” A grandmother is a little bit parent, a little bit teacher, and a little bit best friend.” -Author Unknown
Growing up living in my Grammie’s house, I understood this quote on a deeper level than most. My grandma was and is to this day a parent, a teacher, a best friend. My role model, my faith mentor, my biggest fan — the list is never-ending.
We often look to the famous- the rock stars, the innovators, the world changers- as our sources of influence. Barack Obama, Kim Kardashian, and Jimmy Fallon are included on Time’s list of 2015’s most influential people on the internet. But how often do we turn away from the television (or more realistically, our laptop and phone screens) and look to the people around us?
My Grammie is without one single doubt the largest influencer in my life. Without her mentorship over my life from my childhood, I promise you I would not be the woman I am today.
I could honestly write about every individual way she has helped mould me into the identity I proudly and joyfully embrace today, but I’m going to attempt to put it all into a jam-packed nutshell. If I had to use one word to epitomize my Grammie, it would be compassionate. This woman LOVES people with reckless abandon. I was raised to believe that every single person, regardless of age, gender, race, sexuality, religion, skin colour, social status, or any other factor, deserves equal opportunity and treatment by all. Period. No if’s, and’s, or but’s.
She taught me that the homeless are people too and are worthy of the same level of dignity that I’m entitled to. She taught me that immigrants come to North America to develop healthy and prosperous lives, just like you and I, and deserve the same opportunities that I have as a Canadian-born, young, white female. She taught me not to judge people on the colour of their skin but on the content of their character.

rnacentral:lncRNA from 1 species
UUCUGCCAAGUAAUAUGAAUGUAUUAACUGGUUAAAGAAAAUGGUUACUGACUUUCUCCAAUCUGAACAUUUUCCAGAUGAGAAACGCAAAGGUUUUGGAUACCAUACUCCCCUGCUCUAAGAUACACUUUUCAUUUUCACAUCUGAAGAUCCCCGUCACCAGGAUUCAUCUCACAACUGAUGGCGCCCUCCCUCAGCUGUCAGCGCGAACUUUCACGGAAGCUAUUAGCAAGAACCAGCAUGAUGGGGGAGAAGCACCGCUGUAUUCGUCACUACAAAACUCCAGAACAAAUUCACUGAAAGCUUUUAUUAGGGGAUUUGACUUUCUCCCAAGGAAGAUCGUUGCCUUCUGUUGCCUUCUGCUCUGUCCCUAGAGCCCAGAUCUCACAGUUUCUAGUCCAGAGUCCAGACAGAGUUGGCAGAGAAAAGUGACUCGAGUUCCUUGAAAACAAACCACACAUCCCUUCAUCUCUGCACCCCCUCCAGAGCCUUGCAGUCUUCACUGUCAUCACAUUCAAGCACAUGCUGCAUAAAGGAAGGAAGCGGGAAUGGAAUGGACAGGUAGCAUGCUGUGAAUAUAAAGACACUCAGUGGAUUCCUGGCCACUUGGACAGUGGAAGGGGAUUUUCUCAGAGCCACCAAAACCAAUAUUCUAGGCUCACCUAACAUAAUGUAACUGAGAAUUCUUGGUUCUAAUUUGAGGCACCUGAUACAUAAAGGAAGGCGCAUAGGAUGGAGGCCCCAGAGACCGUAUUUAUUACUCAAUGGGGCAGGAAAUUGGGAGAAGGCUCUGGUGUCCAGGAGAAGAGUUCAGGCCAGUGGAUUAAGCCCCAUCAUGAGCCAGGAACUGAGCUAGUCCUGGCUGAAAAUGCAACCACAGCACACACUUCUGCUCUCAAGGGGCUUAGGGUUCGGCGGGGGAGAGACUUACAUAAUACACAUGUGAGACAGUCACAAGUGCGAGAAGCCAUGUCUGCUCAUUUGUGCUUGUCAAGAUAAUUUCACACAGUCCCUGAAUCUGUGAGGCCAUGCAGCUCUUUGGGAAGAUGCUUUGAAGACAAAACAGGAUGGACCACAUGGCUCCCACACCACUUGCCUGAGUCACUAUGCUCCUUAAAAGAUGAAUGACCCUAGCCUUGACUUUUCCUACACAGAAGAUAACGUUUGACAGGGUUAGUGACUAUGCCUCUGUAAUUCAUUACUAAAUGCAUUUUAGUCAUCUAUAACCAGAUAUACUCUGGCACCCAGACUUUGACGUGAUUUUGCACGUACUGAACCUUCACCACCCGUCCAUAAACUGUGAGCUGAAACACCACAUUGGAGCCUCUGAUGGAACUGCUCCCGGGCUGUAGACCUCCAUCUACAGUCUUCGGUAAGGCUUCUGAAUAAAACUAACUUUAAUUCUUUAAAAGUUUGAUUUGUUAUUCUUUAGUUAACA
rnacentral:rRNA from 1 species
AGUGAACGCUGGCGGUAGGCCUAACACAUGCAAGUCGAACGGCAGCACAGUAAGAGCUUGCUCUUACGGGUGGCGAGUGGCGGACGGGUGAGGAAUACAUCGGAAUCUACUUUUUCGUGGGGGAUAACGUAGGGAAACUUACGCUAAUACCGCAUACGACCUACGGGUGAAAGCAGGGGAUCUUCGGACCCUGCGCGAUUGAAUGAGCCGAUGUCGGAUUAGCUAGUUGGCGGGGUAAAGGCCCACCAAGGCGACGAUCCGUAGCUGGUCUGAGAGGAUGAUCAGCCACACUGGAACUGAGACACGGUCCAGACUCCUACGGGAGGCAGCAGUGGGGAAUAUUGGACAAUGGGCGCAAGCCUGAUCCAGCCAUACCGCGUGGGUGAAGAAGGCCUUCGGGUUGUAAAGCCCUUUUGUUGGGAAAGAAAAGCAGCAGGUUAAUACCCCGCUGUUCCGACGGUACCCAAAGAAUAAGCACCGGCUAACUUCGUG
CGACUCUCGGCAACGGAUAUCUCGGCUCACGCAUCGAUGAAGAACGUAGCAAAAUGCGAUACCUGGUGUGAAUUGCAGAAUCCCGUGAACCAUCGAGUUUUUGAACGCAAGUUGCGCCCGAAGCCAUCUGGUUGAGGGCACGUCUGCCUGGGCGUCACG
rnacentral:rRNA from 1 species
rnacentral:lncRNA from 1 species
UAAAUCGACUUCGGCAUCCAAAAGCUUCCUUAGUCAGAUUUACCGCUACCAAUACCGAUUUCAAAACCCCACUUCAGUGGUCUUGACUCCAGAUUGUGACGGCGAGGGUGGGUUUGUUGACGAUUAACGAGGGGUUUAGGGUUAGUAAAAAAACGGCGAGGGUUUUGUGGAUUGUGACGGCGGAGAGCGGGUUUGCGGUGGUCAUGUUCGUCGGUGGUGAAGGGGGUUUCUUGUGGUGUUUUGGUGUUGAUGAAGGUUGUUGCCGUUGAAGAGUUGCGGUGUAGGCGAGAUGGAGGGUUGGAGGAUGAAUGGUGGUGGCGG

My grandma continuously shows me firsthand what it looks like to love people the way Christ loves us, and I swear she doesn’t even realize it most of the time. For her it’s not a habit, it’s a characteristic. It’s not a task, it’s an inherent part of who she is. And I can’t adequately express how grateful I am for being raised under her influence and guidance.
Now, a bit more about me— if I had to put a label on myself, I like to think I’d be a human rights activist. Like my grandmother taught me, I believe in the radical notion that every human being is entitled to equal rights and freedoms. I believe that my greatest purpose in life is to help work towards developing a world where each individual is granted the inherent rights and freedoms permitted to them just by virtue of being human.
I don’t believe in coincidence, and I certainly don’t believe that these passions of mine just randomly found a way into the deepest parts of my heart. I don’t believe that it was by chance that I’ve come to love people I will never even meet with every fibre of my being.
I can confidently say that it is largely thanks to my Grammie’s influence that I am the person I am today, and that I have chosen to dedicate my life to the causes I have. I can also proudly say that I would not change a darn thing.
Every single one of us is in the process of creating our legacies. Each day, you write the story that future generations will tell about you. If I can encourage you at all with this post, let me encourage you to leave the kind of legacy that my grandmother has left with me. And I’m not saying that you should make everyone around you want to be a human rights activist. All I’m asking is that you be intentional about the impact you’re leaving on those around you every single day. Think about the me’s around you who look to you the way I look to her. You’re leaving an impact on them whether you choose to or not, so please, I implore you, make it a powerful one.
Courtney Swan is a Canadian writer with a passion for people who specializes in race relations and human rights. Her website? courtneyswan.ca Find her on Twitter at @courtney__swan